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Who makes up your audience?

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  • Robert Becker
    What percentage of your audience is a non-podcaster versus podcaster? What are you doing to attract the non-podcaster to your show? Do those non-podcaster
    Message 1 of 5 , Jun 24, 2008
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      What percentage of your audience is a non-podcaster versus podcaster? What
      are you doing to attract the non-podcaster to your show? Do those
      non-podcaster listeners stick around? One of the keys to helping this
      medium succeed is attracting the non-podcaster audience and retaining those
      listeners. Your thoughts?



      Rob







      RDB Media
      voiceovers | imaging | creative
      http://www.rdbmedia. com <http://www.rdbmedia.%20com>
      you've never sounded so good

      RDB Media comes to life in six days.





      [Non-text portions of this message have been removed]
    • Stephen Eley
      ... I don t think this is an answerable question for most, because most of us don t have that much knowledge of our audiences. It d be fabulous to be able to
      Message 2 of 5 , Jun 24, 2008
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        On Tue, Jun 24, 2008 at 10:06 PM, Robert Becker <rdbecker@...> wrote:
        > What percentage of your audience is a non-podcaster versus podcaster?

        I don't think this is an answerable question for most, because most of
        us don't have that much knowledge of our audiences. It'd be fabulous
        to be able to say, "Of the 18,907 downloads of my last episode, 1,512
        of the people who listened are podcasters. Oh, and 12,911 listened in
        their cars, 8,504 are cat owners, and one was a podcaster who ran over
        a cat while listening."

        How are you going to know this? You could put up a survey, sure, but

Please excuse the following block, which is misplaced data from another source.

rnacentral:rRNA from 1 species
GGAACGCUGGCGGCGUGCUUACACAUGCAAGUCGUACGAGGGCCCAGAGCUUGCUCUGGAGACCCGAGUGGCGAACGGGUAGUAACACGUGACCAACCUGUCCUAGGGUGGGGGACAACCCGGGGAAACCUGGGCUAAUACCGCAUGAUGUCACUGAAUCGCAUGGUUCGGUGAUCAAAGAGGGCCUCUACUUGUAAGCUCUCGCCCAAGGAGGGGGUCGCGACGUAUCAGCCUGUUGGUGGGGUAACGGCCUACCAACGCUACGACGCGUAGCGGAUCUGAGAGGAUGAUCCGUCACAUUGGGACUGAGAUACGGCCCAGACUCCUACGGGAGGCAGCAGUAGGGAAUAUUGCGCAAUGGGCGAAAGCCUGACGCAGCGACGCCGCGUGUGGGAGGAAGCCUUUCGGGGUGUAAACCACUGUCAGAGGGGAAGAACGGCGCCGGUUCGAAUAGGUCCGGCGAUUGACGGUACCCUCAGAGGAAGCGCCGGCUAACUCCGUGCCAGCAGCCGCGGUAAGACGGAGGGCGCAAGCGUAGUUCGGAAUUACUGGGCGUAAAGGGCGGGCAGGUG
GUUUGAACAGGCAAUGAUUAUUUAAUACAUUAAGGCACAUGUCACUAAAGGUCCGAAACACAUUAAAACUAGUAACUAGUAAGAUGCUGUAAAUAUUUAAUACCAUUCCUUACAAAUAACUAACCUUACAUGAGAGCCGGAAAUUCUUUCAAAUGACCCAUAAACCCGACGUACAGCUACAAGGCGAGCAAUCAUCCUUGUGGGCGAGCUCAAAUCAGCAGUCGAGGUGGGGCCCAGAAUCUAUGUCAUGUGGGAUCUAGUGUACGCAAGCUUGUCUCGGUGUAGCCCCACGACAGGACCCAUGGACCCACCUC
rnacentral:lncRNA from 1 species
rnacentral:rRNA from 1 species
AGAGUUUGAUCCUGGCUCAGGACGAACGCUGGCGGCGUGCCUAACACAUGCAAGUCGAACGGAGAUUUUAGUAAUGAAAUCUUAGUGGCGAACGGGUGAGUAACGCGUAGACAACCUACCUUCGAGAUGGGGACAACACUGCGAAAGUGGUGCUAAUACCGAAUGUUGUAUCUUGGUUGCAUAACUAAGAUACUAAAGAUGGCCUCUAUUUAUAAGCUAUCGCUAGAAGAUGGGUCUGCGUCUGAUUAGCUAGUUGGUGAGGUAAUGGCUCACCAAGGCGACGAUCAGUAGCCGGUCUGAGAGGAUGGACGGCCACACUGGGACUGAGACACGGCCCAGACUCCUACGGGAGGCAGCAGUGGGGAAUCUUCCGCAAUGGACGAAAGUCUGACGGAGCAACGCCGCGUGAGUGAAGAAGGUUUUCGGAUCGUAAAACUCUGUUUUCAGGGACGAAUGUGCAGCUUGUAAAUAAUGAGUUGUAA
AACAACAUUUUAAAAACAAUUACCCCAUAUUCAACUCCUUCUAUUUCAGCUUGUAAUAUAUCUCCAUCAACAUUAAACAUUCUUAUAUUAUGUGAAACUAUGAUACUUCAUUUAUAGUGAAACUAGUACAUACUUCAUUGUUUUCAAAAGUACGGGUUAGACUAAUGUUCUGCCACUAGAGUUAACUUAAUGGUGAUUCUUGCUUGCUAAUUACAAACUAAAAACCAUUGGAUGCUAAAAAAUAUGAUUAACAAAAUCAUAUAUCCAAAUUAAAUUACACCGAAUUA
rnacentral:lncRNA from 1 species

then what's the incentive to complete it? And how do you know that
        those who completed it represent an even sample?

        And...why does it matter?


        > What
        > are you doing to attract the non-podcaster to your show? Do those
        > non-podcaster listeners stick around? One of the keys to helping this
        > medium succeed is attracting the non-podcaster audience and retaining those
        > listeners. Your thoughts?

        I used to do a podcast about podcasting. (The late lamented
        Podholes.) That is the *only* case in which a podcaster should be
        marketing to other podcasters. If you're not doing a P.A.P. and
        you're spending most of your promotional effort on podcast
        communities, you're wasting your energy.

        My main podcast is a science fiction story podcast. It's pretty
        successful. My marketing has been maybe 5% deliberate time and money
        spent within the science fiction community (going to conventions,
        participating within SF communities, distributing bookmarks, etc.) and
        95% word-of-mouth. Most people who come to Escape Pod found it
        because somebody else recommended it. The iTunes page, or BoingBoing,
        or another podcast, or their cousin Larry.

        I try hard to encourage word-of-mouth. At the end of the show, I
        *don't* ask people to vote for me on Podcast Alley, or Podcast Pickle,
        or any of the podcast-centric communities. I say, "If you liked this
        week's story, please tell a friend, or blog about us." When I check
        my Technorati links
        (http://technorati.com/blogs/escapepod.org?reactions) I feel that the